Video | Agriculture | Confidence | Economy | Energy | Employment | Finance | Media | Property | RBNZ | Science | SOEs | Tax | Technology | Telecoms | Tourism | Transport | Search


Huge response to sustainable business awards

Huge response to sustainable business awards

Bay of Plenty businesses are showing “tremendous support” for the sustainable business awards being run for the second year in the region.

More than 150 small, medium and large businesses have so far sought application forms for the Environment Bay of Plenty Sustainable Business Awards, for which nominations close on Friday April 23.

Set up by the Bay of Plenty branch of the Sustainable Business Network, the awards will recognise local businesses that are working towards economic, environmental and social sustainability.

Coordinator Calum Revfem describes the response as “extremely positive” – and very heartening.

“We really didn’t expect to get so much unsolicited interest,” he says. “All these businesses that are obviously already doing great things are just popping up out of the woodwork.”

Many view the awards as an opportunity for improving their business, he says.

"All organisations that enter will benefit from it. We have an impressive judging team of successful business owners and others who work closely with businesses throughout the country. And they will provide a report for each entrant identifying areas that can be improved," he says.

SBN Bay of Plenty Chairman, and Comvita executive director, Alan Bougen agrees that the awards are a good way for businesses to learn how to become more sustainable. Sustainability has huge environmental and social benefits but it is also just good business practice, he says.

"It is fast being recognised throughout the world that, if we are to be sustainable, business practice will need to change and we will no longer be able to concentrate solely on the traditional economic bottom line.”

But sustainability can save money too. A study of New Zealand companies taking part in a Target Zero Waste programme in the late 1990s showed that both large and small firms benefited by improving environmental management.

A six-person Wellington panel-beating firm saved $550 a month in spray paint and thinners as a result of an environmental programme

A very large North Island dairy factory saved $230,000 a year and earned another $5 million a year as a result of environmental improvements.

Griffins Foods in Manukau City spent $10,000 to reduce water use, also reducing trade waste volumes. It now saves over $80,000 a year in trade waste charges and more than $24,000 annually in water charges.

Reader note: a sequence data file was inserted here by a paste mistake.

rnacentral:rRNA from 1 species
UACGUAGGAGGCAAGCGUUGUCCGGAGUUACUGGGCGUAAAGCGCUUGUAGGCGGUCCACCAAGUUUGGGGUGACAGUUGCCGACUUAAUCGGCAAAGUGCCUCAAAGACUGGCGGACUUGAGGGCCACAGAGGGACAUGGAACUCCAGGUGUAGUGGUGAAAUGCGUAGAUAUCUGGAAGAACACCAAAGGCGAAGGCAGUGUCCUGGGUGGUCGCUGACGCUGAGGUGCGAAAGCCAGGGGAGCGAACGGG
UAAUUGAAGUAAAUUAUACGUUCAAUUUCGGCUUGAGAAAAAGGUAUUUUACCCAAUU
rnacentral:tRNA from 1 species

The Environment Bay of Plenty Sustainable Business Awards are the first in the country to recognise both environmental and social responsibility as components of sustainable business. Winners will automatically enter the national New Zealand Sustainable Business Awards being run by the Sustainable Business Network later this year.

Mr Bougen says the event's purpose is to foster sustainable business practices in Bay of Plenty businesses. In this context, sustainability means being able to "meet the needs of the present without compromising the ability of future generations to meet their own needs".

An impressive line-up of judges includes Jill Hamlyn (Chairman Biogrow) Chris Morrison (Phoenix Foods managing director), Murray Davies (chairman Priority One), Colin Higgins (Corporate Responsibility Lecturer at Massey University) Bill Bayfield, (Director Sustainable Industries Ministry for the Environment), Sarah Trotman, economic development adviser and Janet Takurangi, Regional Economic Development Advisor NZTE).

There are two new categories in the Awards this year: Sustainable Economic Development and Innovation.

The Sustainable Economic Development category recognises organisations within the region that are contributing to the economic sustainability of the Bay of Plenty.

“There are many great initiatives that are often not seen by many people and these Awards are a great opportunity to showcase these successful programmes,” says Mr Bougen.

Environment Bay of Plenty is major sponsor of the awards, with the University of Waikato Management School, New Zealand Trade and Enterprise, Rotorua District Council and TrustPower sponsoring different business categories. Support is also being provided by Bay of Plenty Times.

© Scoop Media

Business Headlines | Sci-Tech Headlines


Voluntary Administration: Renaissance Brewing Up For Sale

Renaissance Brewing, the first local company to raise capital through equity crowdfunding, is up for sale after cash flow woes and product management issues led to the appointment of voluntary administrators. More>>


Approval: Northern Corridor Decision Released

The approval gives the green light to construction of the last link of Auckland’s Western Ring Route, providing an alternative route from South Auckland to the North Shore. More>>


Media Mega Merger: Full Steam Ahead For Appeal

New Zealand's two largest news publishers have confirmed they are committed to pursuing their appeal against the Commerce Commission's rejection of the proposal to merge their operations. More>>

Crown Accounts: $4.1 Billion Surplus

The New Zealand Government has achieved its third fiscal surplus in a row with the Crown accounts for the year ended 30 June 2017 showing an OBEGAL surplus of $4.1 billion, $2.2 billion stronger than last year, Finance Minister Steven Joyce says. More>>


Mycoplasma Bovis: One New Property Tests Positive

The newly identified property... was already under a Restricted Place notice under the Biosecurity Act. More>>

Accounting Scandal: Suspension Of Fuji Xerox From All-Of-Government Contract

General Manager of New Zealand Government Procurement John Ivil says, “FXNZ has been formally suspended from the Print Technology and Associated Services (PTAS) contract and terminated from the Office Supplies contract.” More>>